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Agua Caliente cultural plaza to be ‘epicenter’ of cultural heritage tourism in CA, officials promise

Local and state tribal leaders are joining with Visit California to announce a new cultural initiative that honors Native American tribes. You can watch it in the player below.

The 'epicenter for all cultural heritage tourism'

"This will be the epicenter for all cultural heritage tourism in California," said Visit California's President & Ceo, Caroline Beteta, while standing in front of the Palm Springs site of the new Agua Caliente Band of Cahuilla Indians cultural plaza.

The announcement of the "massive new cultural heritage initiative that shines a spotlight on California's Native American heritage, immersive cultural experiences, and abundance of native lands" was detailed further.

Exploring Native American Culture in California

"The Visit California platform will feature blogs, podcasts, itineraries, and more to showcase cultural centers, museums, parks, trails, festivals, and hotels where travelers can experience our native past as well as the dynamic modern lives of our native people. The first wave of content and that development will come and be complete about March 2023," Beteta said. "This plaza where we stand is a great example of what Visit California visit native California is all about."

Visit California has expanded online content to encourage visitors to explore Native American culture in California. "Today California has the largest Native American population of any state and, according to the 2020 U.S. Census, approximately 1.4 million Californians identify as full or partially American Indian and Alaskan Native," the site reads.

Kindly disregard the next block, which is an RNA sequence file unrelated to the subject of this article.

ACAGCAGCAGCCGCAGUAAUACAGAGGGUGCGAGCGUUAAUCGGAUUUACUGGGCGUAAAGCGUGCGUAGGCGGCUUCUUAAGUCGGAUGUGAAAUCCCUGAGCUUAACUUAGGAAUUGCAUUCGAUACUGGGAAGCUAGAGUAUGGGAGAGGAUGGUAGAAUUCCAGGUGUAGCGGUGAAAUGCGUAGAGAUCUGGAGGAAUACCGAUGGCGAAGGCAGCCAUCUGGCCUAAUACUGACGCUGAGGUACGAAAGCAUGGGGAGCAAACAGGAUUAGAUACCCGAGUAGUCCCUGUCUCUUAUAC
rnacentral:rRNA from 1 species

Beteta was joined by The Agua Caliente Band of Cahuilla Indians Chairman, Reid D. Milanovich, American Indian Alaska Native Tourism Association President & CEO Sherry Rupert, and the Yurok Tribe Vice Chairman Frankie Myers.

California’s indigenous peoples celebrate and commemorate their unique heritage at tribal museums and cultural centers throughout the state. Right in the heart of Palm Springs, the Agua Caliente Band of Cahuilla Indians is building an ambitious new cultural plaza with design details and architecture inspired by basketry, pottery, and desert landscapes. The plaza features a 48,000-square-foot museum that’s destined to be California’s most impressive Native American cultural facility. It will include an interpretive trail and a spa at the site of the healing hot springs the tribe has used for thousands of years.

visit california

The Agua Caliente cultural plaza

The Agua Caliente cultural plaza is under construction. According to planning documents, "The new Museum includes approximately 48,000 square feet and will feature collections in a main gallery, changing gallery and art gallery. The new Museum, a repository for cultural artifacts, stories and history, will also include an education center and garden. The spa includes approximately 40,000 square feet to celebrate the ancient healing waters of the Agua Caliente Hot Mineral Spring with treatments rooms, men and women’s bathhouses, a tranquility garden, a salon, fitness center and outdoor mineral pools."

"This is a historic step forward for Visit California," said American Indian Alaska Native Tourism Association President & CEO Sherry Rupert. "This can't be a one-time effort, but must be a long-term relationship In order for this to be sustainable." She outlined efforts to continue the partnership into future years, including the hiring of "a cultural tourism navigator to be housed here in California to assist with the sustainability of these efforts that are being launched here today."

Stay with News Channel 3 for continuing coverage. Watch News Channel 3 at 4, 5, and 6 tonight for live reports on the announcement.

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Crystal Jimenez

Crystal Jimenez is a news reporter who joined the KESQ News Channel 3 team in June 2021. Learn more about Crystal here.

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Jake Ingrassia

Joining News Channel 3 and CBS Local 2 as a reporter, Jake is excited to be launching his broadcasting career here in the desert. Learn more about Jake here.


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